snow (noun): atmospheric water vapor frozen into ice crystals and falling in light white flakes or lying on the ground as a white layer

Put like that it sounds so harmless: charming, even. But nothing that merits weather warnings can be entirely harmless.

As for “flakes lying on the ground as a white layer,” well, indeed. With atmospheric-water-vapor-frozen-into-ice crystals forecast to continue to fall until nightfall, Saturday morning greeted us with a sticky-wet snow layer already several inches deep on every horizontal surface, on near-vertical ones, and on every gradient in between.

2-photo collage of snow on horizontal and vertical surfaces

2-photo collage of snow on branches3-photo collage of snowed-under surfaces

If you did it on purpose it would represent a lot of work but I gotta say, this effort is wasted on me. I don’t use snow for skiing or snowshoe-ing or tobogganing. I don’t even take photographs of it, but maybe this is the year that I’ll learn the basics.

Could it be the year that I also learn to appreciate it? That, as Mr. Holly said, will be the day.

And if you’re OK with snow but complain about the temperature, you can always revisit this Rick Mercer classic.

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7 Responses to Snowmageddon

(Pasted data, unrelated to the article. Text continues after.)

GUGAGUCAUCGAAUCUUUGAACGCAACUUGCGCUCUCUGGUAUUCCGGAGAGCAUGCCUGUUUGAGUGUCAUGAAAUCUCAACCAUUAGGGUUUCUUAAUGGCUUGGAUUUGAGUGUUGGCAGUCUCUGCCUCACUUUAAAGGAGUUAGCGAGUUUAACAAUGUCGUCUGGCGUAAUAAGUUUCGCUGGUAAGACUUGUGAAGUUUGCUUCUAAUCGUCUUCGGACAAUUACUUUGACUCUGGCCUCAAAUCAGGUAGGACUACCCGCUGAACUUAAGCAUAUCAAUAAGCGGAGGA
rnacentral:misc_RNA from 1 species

1. Tom Watson says:

    Beautiful pictures, Isabel.

  2. Jim Taylor says:

    Rick was brilliant. A lot more than just sometimes.
    Jim T

  3. Jim Taylor says:

    But I should say also that snow offers some wonderful photo opportunities. Walking the dog the other day, I came across some of that moisture-laden air that had frozen onto some otherwise bare plant stems. The crystal spikes were over half an inch long (1.24 cm). Sparkling in the sun. Beautiful. Unlike you, I don’t travel with a camera permanently attached to me, so all I have is memory.
    Jim T

    • Isabel Gibson says:

      Jim – Sun? I know not of what you speak. Sigh. Sadly, that’s almost true in Ottawa’s winters. Very grey.

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